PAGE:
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Air Quality Program

Infrastructure, Rules, and Programs SIPs

Infrastructure SIPs

When EPA establishes a new National Ambient Air Quality Standard (NAAQS) or revises an existing NAAQS, the federal Clean Air Act requires Washington to develop an infrastructure State Implementation Plan (SIP). The infrastructure SIP demonstrates that Washington has the necessary legal authority, regulatory structure, and sufficient resources to implement the NAAQS statewide.

Infrastructure SIPs:

SIP Title Status

Infrastructure SIP for the 2010 Nitrogen Dioxide, 2008 Ozone, and 1997, 2006, and 2012 Fine Particulate Matter National Ambient Air Quality Standards

This SIP submittal proves Washington’s authority to control sources and limit emissions of nitrogen dioxide, ozone, and fine particles. Ecology proposes to add Ecology’s existing requirement that permits will be issued only after permit fees are paid.

Public comment period: July 25, 2014 - August 27, 2014

Submit comments ( or to request a public hearing, contact:
  Anya Caudill (, Air Quality Program
  Washington Department of Ecology
  P.O. Box 47600
  Olympia, WA 98504-7600
  (360) 407-6630

Deadline to request a public hearing: August 20, 2014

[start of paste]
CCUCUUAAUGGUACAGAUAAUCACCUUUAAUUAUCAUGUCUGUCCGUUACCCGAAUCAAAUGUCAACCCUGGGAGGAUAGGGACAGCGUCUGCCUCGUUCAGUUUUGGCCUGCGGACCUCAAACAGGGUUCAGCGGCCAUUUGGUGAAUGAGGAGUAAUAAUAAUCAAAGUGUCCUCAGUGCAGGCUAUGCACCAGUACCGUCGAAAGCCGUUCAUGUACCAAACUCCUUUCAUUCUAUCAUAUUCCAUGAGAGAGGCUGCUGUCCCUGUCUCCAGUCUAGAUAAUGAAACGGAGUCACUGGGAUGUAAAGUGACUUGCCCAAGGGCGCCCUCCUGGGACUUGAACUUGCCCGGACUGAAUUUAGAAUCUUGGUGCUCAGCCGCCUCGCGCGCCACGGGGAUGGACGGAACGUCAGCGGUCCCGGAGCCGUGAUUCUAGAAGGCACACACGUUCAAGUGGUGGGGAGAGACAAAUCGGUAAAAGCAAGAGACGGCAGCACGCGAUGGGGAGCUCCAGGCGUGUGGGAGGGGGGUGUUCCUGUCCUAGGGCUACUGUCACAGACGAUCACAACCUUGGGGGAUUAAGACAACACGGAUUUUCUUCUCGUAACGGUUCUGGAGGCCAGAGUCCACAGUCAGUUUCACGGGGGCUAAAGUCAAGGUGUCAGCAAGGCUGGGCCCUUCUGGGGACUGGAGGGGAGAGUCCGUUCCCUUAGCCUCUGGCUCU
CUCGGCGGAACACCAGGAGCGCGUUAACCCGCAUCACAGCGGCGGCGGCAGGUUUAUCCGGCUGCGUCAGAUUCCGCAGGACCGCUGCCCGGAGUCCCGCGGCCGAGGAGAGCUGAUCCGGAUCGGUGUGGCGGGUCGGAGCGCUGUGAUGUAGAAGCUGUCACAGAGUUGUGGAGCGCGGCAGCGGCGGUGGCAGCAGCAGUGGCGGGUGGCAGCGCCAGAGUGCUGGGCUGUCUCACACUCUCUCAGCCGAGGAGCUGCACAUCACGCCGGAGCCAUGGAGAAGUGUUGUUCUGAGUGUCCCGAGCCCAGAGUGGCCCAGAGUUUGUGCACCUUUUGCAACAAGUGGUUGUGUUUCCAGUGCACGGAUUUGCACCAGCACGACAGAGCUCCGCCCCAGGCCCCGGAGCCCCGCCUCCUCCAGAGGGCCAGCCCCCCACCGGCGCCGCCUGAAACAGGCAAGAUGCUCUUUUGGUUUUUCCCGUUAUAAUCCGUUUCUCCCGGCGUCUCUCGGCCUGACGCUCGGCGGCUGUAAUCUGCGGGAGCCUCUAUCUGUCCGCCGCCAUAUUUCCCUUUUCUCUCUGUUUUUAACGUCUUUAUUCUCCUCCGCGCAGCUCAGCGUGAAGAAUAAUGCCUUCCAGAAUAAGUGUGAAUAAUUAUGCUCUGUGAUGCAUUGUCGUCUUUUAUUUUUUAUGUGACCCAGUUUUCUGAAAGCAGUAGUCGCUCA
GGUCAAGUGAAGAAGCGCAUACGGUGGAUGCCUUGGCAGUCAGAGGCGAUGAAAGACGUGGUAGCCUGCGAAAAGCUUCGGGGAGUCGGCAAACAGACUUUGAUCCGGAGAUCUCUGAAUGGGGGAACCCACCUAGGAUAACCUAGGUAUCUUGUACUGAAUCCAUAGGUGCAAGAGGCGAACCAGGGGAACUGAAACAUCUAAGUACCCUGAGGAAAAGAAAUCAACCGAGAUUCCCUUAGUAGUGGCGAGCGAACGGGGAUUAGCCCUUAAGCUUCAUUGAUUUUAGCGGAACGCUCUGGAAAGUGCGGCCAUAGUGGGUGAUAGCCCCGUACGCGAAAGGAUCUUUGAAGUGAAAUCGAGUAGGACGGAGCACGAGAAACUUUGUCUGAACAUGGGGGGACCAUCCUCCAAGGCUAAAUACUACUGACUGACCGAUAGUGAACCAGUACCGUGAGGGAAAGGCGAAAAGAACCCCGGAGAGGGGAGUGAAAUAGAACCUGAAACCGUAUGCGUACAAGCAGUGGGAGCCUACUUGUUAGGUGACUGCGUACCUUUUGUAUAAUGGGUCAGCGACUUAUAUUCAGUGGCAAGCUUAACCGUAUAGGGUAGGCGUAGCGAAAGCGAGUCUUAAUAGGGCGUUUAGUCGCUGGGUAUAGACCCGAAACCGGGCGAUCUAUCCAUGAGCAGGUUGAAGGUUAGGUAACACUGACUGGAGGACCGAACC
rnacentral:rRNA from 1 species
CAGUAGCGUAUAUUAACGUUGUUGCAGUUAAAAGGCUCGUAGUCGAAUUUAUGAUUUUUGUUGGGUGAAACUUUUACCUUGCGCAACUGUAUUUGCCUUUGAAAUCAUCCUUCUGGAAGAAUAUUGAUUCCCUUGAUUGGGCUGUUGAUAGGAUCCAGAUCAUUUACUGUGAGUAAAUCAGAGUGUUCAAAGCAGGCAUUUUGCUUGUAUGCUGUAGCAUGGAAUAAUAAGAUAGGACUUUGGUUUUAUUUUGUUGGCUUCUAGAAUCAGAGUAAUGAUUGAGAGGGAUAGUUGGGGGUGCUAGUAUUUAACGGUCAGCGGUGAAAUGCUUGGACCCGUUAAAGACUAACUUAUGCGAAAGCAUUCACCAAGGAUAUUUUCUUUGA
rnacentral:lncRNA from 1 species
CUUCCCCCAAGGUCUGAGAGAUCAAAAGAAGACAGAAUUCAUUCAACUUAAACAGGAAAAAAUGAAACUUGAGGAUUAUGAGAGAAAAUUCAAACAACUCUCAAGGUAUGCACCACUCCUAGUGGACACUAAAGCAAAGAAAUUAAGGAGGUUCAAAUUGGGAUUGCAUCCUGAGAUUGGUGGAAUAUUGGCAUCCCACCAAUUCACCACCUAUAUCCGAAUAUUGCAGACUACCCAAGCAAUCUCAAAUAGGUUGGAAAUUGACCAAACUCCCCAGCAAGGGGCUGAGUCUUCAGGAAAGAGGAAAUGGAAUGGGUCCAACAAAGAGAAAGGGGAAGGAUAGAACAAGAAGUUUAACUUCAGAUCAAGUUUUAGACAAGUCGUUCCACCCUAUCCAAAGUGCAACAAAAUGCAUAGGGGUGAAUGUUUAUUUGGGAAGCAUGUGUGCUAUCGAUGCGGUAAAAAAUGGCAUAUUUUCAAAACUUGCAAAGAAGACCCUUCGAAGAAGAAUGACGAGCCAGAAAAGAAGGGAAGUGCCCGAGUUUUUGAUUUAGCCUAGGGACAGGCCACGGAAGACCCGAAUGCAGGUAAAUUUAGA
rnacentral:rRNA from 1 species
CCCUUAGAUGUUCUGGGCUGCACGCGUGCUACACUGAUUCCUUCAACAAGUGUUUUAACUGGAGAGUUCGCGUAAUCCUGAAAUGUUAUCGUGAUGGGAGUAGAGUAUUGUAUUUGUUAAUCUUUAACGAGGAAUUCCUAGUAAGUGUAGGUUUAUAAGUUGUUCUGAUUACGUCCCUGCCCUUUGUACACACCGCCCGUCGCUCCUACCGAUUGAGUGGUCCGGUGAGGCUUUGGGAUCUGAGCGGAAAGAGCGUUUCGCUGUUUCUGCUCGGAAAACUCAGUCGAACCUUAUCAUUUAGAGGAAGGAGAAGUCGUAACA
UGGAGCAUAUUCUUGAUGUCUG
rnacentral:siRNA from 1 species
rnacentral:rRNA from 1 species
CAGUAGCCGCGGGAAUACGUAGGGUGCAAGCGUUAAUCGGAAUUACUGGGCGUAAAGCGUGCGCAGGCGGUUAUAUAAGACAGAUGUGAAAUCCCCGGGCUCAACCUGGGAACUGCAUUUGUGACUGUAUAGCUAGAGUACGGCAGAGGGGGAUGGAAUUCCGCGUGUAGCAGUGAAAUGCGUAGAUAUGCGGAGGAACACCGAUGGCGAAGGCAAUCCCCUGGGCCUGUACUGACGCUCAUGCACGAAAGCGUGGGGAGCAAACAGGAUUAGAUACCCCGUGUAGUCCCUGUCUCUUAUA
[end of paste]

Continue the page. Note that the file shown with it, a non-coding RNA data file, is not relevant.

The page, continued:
Public hearing details (including cancellation) listed on Ecology’s public involvement calendar

Public hearing date/location (if requested):
  August 26, 2014, 6 p.m.
  300 Desmond Drive SE, Lacey

Infrastructure SIP Certification for the 2008 Lead National Ambient Air Quality Standards

Plan submitted in 4/14. News release

Infrastructure SIP Certification for the 1997 8-Hour Ozone National Ambient Air Quality Standards

Plan partially approved on 5/24/12. Federal Register Notice

State Implementation Plan for 1997 8-Hour Ozone and PM2.5 National Ambient Air Quality Standards

Plan approved on 8/27/07. Federal Register Notice


Washington rules are submitted with a SIP to provide an enforceable means to carry out the control strategy in the SIP.  Washington may also submit rules or rule updates without a SIP to satisfy federal requirements or as a state initiative to “strengthen the SIP” (improve pollution control programs).

When EPA approves a rule as part of Washington’s SIP, the rule becomes “federally-enforceable.”  That is, if Washington does not implement the rule, EPA can step in and enforce the rule at the federal level.

Current proposals to include state and local air quality rules in the SIP:

SIP Title Status
Chapter 173-433 WAC, Solid Fuel Burning Devices (revised)

Rule proposed on 3/4/14. See Federal Register Notice.

Chapter 173-476 WAC, Ambient Air Quality Standards

Rule proposal approved on 3/4/14. See Federal Register Notice.

Chapter 173-400 WAC, General Air Quality Regulations (revised)

Updated rule submitted in 1/14.

Program SIPs

Some SIPs satisfy programs or parts of programs required by the Clean Air Act.  The subjects addressed by these SIPs can be quite diverse. One example is the Motor Vehicle Inspection and Maintenance Program, more commonly known as the Emission Check Program. This program is required for carbon monoxide and ozone nonattainment areas. Other examples include the Washington State Visibility Protection Program and the 1998 Smoke Management Program.

Program SIPs currently being developed or recently submitted to EPA for approval:

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